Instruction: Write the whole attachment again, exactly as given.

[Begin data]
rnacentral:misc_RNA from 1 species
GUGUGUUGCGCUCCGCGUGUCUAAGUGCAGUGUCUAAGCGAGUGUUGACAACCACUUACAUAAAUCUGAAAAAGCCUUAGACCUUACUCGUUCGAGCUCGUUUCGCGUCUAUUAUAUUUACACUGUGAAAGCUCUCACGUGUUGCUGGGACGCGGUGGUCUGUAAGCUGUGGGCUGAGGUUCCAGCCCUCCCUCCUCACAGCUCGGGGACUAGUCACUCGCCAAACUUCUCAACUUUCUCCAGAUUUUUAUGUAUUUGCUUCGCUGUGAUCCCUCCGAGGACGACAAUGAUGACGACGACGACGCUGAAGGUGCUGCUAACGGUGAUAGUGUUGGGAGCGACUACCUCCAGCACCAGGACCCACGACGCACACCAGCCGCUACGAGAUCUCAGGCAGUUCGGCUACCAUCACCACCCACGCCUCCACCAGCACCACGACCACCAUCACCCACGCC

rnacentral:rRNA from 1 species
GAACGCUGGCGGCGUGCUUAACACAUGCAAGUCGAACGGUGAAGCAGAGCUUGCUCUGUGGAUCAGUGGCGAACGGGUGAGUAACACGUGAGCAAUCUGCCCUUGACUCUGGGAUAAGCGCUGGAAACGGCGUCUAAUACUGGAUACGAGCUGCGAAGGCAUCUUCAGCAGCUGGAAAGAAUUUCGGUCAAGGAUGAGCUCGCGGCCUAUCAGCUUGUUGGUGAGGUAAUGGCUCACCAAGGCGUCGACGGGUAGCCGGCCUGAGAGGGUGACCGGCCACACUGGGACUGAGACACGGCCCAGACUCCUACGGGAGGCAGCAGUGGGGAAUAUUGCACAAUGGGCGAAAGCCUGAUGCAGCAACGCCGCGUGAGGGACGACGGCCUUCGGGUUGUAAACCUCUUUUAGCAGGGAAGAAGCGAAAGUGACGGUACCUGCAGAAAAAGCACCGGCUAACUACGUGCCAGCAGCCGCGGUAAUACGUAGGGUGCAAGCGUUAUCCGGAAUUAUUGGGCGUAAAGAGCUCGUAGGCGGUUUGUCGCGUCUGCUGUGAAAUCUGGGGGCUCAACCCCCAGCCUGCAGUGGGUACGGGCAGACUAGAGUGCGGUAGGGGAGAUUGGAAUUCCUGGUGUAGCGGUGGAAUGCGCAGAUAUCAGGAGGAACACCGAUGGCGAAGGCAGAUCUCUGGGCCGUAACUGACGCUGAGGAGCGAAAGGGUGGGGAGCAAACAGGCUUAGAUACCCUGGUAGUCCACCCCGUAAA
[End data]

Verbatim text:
rnacentral:misc_RNA from 1 species
GUGUGUUGCGCUCCGCGUGUCUAAGUGCAGUGUCUAAGCGAGUGUUGACAACCACUUACAUAAAUCUGAAAAAGCCUUAGACCUUACUCGUUCGAGCUCGUUUCGCGUCUAUUAUAUUUACACUGUGAAAGCUCUCACGUGUUGCUGGGACGCGGUGGUCUGUAAGCUGUGGGCUGAGGUUCCAGCCCUCCCUCCUCACAGCUCGGGGACUAGUCACUCGCCAAACUUCUCAACUUUCUCCAGAUUUUUAUGUAUUUGCUUCGCUGUGAUCCCUCCGAGGACGACAAUGAUGACGACGACGACGCUGAAGGUGCUGCUAACGGUGAUAGUGUUGGGAGCGACUACCUCCAGCACCAGGACCCACGACGCACACCAGCCGCUACGAGAUCUCAGGCAGUUCGGCUACCAUCACCACCCACGCCUCCACCAGCACCACGACCACCAUCACCCACGCC

rnacentral:rRNA from 1 species
GAACGCUGGCGGCGUGCUUAACACAUGCAAGUCGAACGGUGAAGCAGAGCUUGCUCUGUGGAUCAGUGGCGAACGGGUGAGUAACACGUGAGCAAUCUGCCCUUGACUCUGGGAUAAGCGCUGGAAACGGCGUCUAAUACUGGAUACGAGCUGCGAAGGCAUCUUCAGCAGCUGGAAAGAAUUUCGGUCAAGGAUGAGCUCGCGGCCUAUCAGCUUGUUGGUGAGGUAAUGGCUCACCAAGGCGUCGACGGGUAGCCGGCCUGAGAGGGUGACCGGCCACACUGGGACUGAGACACGGCCCAGACUCCUACGGGAGGCAGCAGUGGGGAAUAUUGCACAAUGGGCGAAAGCCUGAUGCAGCAACGCCGCGUGAGGGACGACGGCCUUCGGGUUGUAAACCUCUUUUAGCAGGGAAGAAGCGAAAGUGACGGUACCUGCAGAAAAAGCACCGGCUAACUACGUGCCAGCAGCCGCGGUAAUACGUAGGGUGCAAGCGUUAUCCGGAAUUAUUGGGCGUAAAGAGCUCGUAGGCGGUUUGUCGCGUCUGCUGUGAAAUCUGGGGGCUCAACCCCCAGCCUGCAGUGGGUACGGGCAGACUAGAGUGCGGUAGGGGAGAUUGGAAUUCCUGGUGUAGCGGUGGAAUGCGCAGAUAUCAGGAGGAACACCGAUGGCGAAGGCAGAUCUCUGGGCCGUAACUGACGCUGAGGAGCGAAAGGGUGGGGAGCAAACAGGCUUAGAUACCCUGGUAGUCCACCCCGUAAA